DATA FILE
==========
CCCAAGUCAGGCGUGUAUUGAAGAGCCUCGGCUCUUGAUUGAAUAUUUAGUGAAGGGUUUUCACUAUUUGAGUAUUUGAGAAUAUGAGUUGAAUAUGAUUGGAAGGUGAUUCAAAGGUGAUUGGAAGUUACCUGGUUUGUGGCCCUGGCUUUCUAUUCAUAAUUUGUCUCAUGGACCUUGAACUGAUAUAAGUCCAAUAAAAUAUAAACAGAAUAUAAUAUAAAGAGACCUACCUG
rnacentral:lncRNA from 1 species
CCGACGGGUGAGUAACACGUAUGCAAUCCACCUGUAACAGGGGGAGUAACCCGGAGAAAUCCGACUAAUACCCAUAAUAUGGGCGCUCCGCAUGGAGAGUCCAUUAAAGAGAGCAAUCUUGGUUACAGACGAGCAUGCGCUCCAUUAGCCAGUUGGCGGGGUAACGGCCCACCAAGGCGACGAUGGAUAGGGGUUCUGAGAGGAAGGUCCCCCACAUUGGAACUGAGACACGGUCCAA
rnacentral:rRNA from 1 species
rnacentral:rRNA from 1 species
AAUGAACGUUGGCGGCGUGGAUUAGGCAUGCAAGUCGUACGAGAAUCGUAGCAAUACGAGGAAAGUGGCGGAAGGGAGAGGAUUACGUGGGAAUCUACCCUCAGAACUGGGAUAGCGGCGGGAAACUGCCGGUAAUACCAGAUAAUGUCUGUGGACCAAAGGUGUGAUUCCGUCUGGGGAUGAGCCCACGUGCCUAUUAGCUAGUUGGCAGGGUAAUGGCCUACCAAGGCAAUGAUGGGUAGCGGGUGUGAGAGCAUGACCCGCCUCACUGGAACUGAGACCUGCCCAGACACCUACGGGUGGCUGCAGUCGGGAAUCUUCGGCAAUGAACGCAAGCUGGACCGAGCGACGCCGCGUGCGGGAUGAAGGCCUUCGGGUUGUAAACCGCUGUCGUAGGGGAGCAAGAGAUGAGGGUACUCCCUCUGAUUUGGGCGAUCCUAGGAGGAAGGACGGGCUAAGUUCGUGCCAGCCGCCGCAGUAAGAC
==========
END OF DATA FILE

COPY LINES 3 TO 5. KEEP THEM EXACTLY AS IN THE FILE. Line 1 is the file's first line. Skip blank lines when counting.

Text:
CCGACGGGUGAGUAACACGUAUGCAAUCCACCUGUAACAGGGGGAGUAACCCGGAGAAAUCCGACUAAUACCCAUAAUAUGGGCGCUCCGCAUGGAGAGUCCAUUAAAGAGAGCAAUCUUGGUUACAGACGAGCAUGCGCUCCAUUAGCCAGUUGGCGGGGUAACGGCCCACCAAGGCGACGAUGGAUAGGGGUUCUGAGAGGAAGGUCCCCCACAUUGGAACUGAGACACGGUCCAA
rnacentral:rRNA from 1 species
rnacentral:rRNA from 1 species